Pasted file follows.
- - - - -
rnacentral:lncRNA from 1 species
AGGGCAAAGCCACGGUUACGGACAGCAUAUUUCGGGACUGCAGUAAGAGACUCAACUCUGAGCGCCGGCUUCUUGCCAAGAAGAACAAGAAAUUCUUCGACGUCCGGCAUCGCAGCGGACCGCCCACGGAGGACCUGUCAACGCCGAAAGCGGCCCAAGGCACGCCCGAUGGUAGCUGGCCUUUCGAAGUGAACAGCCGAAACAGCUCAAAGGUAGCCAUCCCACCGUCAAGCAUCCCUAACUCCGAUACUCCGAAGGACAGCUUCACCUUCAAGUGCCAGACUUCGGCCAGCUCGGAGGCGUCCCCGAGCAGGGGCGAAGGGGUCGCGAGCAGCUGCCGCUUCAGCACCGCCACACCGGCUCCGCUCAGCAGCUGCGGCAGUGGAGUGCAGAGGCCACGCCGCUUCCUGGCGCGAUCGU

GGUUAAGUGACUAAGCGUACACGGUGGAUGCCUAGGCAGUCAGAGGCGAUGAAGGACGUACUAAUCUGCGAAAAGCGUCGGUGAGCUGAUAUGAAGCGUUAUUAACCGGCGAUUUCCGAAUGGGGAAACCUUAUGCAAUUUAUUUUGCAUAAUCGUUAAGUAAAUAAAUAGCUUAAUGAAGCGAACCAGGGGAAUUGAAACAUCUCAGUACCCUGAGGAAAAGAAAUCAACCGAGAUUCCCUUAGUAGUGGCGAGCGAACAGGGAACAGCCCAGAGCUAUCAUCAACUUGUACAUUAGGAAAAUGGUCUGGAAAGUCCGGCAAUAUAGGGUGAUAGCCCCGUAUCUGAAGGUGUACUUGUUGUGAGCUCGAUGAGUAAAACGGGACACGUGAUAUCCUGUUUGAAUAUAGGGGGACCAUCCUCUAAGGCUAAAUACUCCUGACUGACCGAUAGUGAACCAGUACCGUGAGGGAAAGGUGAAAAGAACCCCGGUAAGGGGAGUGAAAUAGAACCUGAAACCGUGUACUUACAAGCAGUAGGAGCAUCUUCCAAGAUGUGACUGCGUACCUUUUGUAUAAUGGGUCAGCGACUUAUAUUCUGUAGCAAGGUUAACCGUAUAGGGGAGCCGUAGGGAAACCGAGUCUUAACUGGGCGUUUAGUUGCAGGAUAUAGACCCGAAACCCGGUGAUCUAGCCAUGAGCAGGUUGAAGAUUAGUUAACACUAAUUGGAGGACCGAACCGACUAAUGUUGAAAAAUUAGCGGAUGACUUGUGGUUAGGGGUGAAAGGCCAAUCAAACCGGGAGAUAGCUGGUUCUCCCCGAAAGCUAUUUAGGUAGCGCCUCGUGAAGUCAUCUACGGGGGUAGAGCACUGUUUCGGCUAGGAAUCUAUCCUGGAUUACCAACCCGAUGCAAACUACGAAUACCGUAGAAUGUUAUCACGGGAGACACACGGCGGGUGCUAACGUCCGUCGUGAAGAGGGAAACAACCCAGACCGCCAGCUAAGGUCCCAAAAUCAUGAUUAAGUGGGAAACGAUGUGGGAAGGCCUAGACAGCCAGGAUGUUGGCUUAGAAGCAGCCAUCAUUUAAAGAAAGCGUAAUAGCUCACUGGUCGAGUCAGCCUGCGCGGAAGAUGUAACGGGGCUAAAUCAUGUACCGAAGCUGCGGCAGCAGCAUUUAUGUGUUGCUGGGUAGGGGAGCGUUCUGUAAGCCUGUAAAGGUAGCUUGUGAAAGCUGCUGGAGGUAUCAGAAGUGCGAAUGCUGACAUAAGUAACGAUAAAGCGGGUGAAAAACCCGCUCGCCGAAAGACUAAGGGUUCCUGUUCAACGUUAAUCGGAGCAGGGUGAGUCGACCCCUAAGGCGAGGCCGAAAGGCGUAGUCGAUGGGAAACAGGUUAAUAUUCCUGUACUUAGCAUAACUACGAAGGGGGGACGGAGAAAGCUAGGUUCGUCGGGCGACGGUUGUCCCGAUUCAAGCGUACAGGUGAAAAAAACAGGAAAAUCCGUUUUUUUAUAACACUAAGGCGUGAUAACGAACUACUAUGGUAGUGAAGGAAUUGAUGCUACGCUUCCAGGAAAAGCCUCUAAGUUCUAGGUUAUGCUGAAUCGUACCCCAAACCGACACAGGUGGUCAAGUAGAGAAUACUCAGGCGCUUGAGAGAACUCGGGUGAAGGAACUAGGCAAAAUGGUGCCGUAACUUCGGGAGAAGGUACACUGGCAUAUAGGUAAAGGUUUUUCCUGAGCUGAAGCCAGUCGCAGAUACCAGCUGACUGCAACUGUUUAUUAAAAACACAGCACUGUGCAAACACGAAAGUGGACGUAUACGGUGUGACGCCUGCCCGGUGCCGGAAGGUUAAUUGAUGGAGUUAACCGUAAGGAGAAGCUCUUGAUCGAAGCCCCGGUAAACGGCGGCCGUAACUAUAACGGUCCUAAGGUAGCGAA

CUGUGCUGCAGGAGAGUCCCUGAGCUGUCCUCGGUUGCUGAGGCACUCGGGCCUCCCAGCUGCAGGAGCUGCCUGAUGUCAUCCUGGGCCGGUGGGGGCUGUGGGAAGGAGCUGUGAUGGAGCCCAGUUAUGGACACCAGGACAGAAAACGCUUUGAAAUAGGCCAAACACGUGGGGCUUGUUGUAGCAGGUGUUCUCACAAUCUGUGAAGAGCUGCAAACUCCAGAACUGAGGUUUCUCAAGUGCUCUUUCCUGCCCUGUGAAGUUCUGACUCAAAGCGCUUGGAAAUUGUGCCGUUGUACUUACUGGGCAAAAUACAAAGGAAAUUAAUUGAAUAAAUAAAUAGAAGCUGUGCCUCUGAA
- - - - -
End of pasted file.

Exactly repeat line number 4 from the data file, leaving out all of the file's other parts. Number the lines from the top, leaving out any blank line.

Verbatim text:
CUGUGCUGCAGGAGAGUCCCUGAGCUGUCCUCGGUUGCUGAGGCACUCGGGCCUCCCAGCUGCAGGAGCUGCCUGAUGUCAUCCUGGGCCGGUGGGGGCUGUGGGAAGGAGCUGUGAUGGAGCCCAGUUAUGGACACCAGGACAGAAAACGCUUUGAAAUAGGCCAAACACGUGGGGCUUGUUGUAGCAGGUGUUCUCACAAUCUGUGAAGAGCUGCAAACUCCAGAACUGAGGUUUCUCAAGUGCUCUUUCCUGCCCUGUGAAGUUCUGACUCAAAGCGCUUGGAAAUUGUGCCGUUGUACUUACUGGGCAAAAUACAAAGGAAAUUAAUUGAAUAAAUAAAUAGAAGCUGUGCCUCUGAA